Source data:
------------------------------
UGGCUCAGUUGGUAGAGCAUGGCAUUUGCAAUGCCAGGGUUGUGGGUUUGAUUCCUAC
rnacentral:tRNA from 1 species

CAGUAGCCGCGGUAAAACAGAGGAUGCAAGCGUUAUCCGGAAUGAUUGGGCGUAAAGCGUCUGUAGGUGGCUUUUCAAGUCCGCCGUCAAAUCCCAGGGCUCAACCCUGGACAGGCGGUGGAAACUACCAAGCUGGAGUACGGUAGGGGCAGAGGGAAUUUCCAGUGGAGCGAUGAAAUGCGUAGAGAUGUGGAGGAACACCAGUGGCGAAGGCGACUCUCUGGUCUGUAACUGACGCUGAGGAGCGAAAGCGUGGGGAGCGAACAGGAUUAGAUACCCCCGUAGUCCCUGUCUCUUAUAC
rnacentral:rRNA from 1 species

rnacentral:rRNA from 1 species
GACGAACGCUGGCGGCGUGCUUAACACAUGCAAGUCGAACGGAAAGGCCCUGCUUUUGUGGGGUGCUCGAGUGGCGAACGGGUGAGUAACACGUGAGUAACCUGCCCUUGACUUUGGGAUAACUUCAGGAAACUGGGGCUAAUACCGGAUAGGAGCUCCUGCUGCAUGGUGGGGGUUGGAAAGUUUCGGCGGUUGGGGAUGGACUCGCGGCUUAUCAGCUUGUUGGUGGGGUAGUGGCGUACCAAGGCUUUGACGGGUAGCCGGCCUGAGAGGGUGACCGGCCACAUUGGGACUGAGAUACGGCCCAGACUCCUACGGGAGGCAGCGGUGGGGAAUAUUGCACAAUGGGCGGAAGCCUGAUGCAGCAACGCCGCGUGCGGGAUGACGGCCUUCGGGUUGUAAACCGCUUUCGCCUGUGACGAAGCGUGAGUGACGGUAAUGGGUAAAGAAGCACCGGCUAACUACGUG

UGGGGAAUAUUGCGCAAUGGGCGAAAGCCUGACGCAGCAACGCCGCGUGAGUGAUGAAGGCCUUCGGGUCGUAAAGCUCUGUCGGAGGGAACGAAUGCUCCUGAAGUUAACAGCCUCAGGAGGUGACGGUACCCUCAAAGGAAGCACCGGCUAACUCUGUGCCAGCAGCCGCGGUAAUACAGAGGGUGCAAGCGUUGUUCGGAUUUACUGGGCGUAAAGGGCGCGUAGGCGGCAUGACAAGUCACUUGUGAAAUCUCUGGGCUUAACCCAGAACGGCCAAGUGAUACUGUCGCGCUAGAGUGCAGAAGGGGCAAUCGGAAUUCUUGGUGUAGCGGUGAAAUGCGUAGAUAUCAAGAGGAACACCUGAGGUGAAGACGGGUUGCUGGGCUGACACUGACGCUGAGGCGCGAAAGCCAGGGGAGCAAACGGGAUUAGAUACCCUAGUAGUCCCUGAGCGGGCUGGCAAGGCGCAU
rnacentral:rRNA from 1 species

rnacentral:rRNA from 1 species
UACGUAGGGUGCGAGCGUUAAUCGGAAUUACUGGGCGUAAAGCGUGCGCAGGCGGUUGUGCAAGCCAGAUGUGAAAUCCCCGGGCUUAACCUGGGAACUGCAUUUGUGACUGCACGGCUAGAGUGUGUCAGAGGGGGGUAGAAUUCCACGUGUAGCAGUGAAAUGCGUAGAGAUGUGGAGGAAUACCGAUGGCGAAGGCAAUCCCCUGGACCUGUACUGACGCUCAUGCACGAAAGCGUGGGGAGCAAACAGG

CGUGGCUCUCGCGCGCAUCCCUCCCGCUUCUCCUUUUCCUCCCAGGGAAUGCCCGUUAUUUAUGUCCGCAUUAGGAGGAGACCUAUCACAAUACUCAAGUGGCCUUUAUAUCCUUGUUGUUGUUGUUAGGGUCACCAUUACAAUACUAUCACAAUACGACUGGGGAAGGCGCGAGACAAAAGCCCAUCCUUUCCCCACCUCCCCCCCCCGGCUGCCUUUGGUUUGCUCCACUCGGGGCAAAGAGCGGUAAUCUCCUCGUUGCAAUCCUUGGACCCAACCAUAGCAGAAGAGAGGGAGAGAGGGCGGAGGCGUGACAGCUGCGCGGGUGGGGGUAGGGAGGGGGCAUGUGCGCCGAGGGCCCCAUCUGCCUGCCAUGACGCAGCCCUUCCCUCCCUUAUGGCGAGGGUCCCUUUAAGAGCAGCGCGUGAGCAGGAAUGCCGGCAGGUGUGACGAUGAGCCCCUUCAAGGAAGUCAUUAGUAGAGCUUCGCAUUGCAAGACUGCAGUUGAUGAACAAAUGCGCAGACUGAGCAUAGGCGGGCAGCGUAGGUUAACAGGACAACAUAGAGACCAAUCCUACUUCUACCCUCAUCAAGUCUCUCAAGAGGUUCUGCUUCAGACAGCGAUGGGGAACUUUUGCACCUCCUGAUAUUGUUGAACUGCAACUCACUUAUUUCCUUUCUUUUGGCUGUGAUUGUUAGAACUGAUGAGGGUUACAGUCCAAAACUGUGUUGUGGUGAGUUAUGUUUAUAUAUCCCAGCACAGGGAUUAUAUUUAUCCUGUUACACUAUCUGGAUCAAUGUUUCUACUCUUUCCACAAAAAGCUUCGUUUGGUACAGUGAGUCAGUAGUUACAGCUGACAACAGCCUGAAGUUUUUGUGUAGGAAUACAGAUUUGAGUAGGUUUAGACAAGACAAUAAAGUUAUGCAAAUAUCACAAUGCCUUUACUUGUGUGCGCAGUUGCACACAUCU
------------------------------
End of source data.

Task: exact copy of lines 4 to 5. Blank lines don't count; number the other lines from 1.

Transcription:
rnacentral:rRNA from 1 species

rnacentral:rRNA from 1 species